Tunisia Launches its First Satellite

26.03.2021 Tunisia
Tunisia Launches its First Satellite

Tunisia Launches its First Satellite

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The Tunisian satellite Challenge ONE was launched on Monday from the Baikonur base in south-central Kazakhstan aboard the Russian Soyuz-2.1a rocket which also carried other satellites.

Challenge ONE is a research and innovation project that offers a new approach to information technology and its practical application. The results of Challenge ONE by Telnet will be used to create a constellation of 30 satellites.

On this occasion, Telnet Group, the owner of Challenge ONE, organized a ceremony at its headquarters in the capital Tunis to follow the live coverage of the event at the presence of Tunisian President Kais Saied.

This event reflects the aspiration of Tunisia and young Tunisians to exceed the limits of the earth,” Saied said in a speech broadcasted on State television Wataniya 1.

For his part, Mohamed Frikha, Chief Executive Officer of Telnet Group, said: “It is the fruit of a whole generation of culture and knowledge as well as the work of 20 Tunisian engineers supervised by Telnet,” adding that this satellite is only the first step towards space which will be followed by others.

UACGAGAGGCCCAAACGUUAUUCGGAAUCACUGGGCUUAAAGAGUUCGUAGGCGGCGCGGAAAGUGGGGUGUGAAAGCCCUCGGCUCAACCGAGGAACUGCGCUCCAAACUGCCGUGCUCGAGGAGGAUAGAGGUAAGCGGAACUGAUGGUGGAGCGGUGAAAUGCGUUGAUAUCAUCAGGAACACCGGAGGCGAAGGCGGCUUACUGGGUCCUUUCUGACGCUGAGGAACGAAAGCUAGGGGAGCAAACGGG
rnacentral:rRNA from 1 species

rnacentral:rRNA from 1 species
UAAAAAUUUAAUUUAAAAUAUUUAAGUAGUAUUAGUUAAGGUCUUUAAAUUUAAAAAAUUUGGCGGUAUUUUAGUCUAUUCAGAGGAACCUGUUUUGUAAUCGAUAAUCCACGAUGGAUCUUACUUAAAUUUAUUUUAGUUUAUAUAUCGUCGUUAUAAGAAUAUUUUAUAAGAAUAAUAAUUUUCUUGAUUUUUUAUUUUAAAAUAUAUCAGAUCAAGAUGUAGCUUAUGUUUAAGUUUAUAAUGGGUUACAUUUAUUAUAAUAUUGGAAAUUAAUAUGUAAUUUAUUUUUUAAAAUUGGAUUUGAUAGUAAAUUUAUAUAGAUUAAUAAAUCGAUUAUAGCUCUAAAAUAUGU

Challenge ONE is a small satellite that weighs about 3 kg. It will be used in the Internet of Things technology.

This satellite, designed and developed by exclusively Tunisian skills, will allow communication and data exchange in many areas including control, transport, agriculture and logistics by receiving data and sending it to suppliers around the world. Enditem.

Tunisia is the first country in the Maghreb to manufacture its own satellite, and the sixth on the African continent.Tunisia says it hopes to launch 20 more in the next 3 years.

Challenge ONE is Africa’s first satellite of 2021, bringing the total number of African satellites to 43. Only one satellite was launched by the continent in 2020, while eight were launched in 2019.

The African space market is now worth over $7 billion annually, according to the website Space in Africa, which reports that it ”is likely to grow over 40 percent in the next five years”.

 

 
 



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